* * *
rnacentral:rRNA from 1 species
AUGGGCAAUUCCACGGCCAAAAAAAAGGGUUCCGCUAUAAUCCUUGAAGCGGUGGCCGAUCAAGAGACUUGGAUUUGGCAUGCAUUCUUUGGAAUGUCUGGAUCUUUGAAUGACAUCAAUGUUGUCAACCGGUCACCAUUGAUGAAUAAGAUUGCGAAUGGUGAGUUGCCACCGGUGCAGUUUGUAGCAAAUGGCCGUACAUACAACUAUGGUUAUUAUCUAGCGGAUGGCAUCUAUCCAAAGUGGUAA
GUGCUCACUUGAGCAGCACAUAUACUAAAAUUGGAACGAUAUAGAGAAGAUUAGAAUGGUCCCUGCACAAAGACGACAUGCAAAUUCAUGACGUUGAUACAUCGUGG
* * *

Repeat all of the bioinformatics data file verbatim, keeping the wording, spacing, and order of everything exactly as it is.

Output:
rnacentral:rRNA from 1 species
AUGGGCAAUUCCACGGCCAAAAAAAAGGGUUCCGCUAUAAUCCUUGAAGCGGUGGCCGAUCAAGAGACUUGGAUUUGGCAUGCAUUCUUUGGAAUGUCUGGAUCUUUGAAUGACAUCAAUGUUGUCAACCGGUCACCAUUGAUGAAUAAGAUUGCGAAUGGUGAGUUGCCACCGGUGCAGUUUGUAGCAAAUGGCCGUACAUACAACUAUGGUUAUUAUCUAGCGGAUGGCAUCUAUCCAAAGUGGUAA
GUGCUCACUUGAGCAGCACAUAUACUAAAAUUGGAACGAUAUAGAGAAGAUUAGAAUGGUCCCUGCACAAAGACGACAUGCAAAUUCAUGACGUUGAUACAUCGUGG